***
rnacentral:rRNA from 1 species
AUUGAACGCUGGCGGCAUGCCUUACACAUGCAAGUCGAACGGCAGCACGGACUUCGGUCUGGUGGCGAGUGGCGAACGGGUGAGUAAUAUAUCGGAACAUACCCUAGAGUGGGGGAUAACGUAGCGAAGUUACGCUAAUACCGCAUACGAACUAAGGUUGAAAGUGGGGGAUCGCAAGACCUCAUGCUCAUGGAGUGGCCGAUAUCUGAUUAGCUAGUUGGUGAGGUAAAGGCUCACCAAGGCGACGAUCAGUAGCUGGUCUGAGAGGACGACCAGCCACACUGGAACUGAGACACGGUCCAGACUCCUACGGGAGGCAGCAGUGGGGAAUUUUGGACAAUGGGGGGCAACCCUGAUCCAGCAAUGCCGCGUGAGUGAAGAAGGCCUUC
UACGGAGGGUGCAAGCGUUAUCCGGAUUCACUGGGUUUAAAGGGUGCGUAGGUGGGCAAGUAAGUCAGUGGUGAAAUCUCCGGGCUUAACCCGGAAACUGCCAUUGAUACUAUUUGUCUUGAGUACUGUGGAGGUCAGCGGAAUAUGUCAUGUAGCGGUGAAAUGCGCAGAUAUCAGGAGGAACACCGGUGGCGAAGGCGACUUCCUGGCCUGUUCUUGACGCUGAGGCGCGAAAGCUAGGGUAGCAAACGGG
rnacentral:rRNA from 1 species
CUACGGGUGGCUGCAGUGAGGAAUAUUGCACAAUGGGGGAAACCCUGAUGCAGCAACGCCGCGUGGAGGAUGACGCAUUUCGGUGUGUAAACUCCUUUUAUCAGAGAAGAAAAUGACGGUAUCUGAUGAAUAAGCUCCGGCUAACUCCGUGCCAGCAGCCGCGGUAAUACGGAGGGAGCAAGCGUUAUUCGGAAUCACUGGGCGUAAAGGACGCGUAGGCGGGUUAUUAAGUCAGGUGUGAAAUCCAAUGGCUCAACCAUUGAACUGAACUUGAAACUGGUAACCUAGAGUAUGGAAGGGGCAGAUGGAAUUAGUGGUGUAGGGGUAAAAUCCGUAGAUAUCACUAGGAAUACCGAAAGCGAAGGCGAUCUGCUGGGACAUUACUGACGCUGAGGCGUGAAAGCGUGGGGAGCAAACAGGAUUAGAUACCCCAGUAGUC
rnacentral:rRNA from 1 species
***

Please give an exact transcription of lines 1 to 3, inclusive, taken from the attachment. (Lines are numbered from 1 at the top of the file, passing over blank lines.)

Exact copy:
rnacentral:rRNA from 1 species
AUUGAACGCUGGCGGCAUGCCUUACACAUGCAAGUCGAACGGCAGCACGGACUUCGGUCUGGUGGCGAGUGGCGAACGGGUGAGUAAUAUAUCGGAACAUACCCUAGAGUGGGGGAUAACGUAGCGAAGUUACGCUAAUACCGCAUACGAACUAAGGUUGAAAGUGGGGGAUCGCAAGACCUCAUGCUCAUGGAGUGGCCGAUAUCUGAUUAGCUAGUUGGUGAGGUAAAGGCUCACCAAGGCGACGAUCAGUAGCUGGUCUGAGAGGACGACCAGCCACACUGGAACUGAGACACGGUCCAGACUCCUACGGGAGGCAGCAGUGGGGAAUUUUGGACAAUGGGGGGCAACCCUGAUCCAGCAAUGCCGCGUGAGUGAAGAAGGCCUUC
UACGGAGGGUGCAAGCGUUAUCCGGAUUCACUGGGUUUAAAGGGUGCGUAGGUGGGCAAGUAAGUCAGUGGUGAAAUCUCCGGGCUUAACCCGGAAACUGCCAUUGAUACUAUUUGUCUUGAGUACUGUGGAGGUCAGCGGAAUAUGUCAUGUAGCGGUGAAAUGCGCAGAUAUCAGGAGGAACACCGGUGGCGAAGGCGACUUCCUGGCCUGUUCUUGACGCUGAGGCGCGAAAGCUAGGGUAGCAAACGGG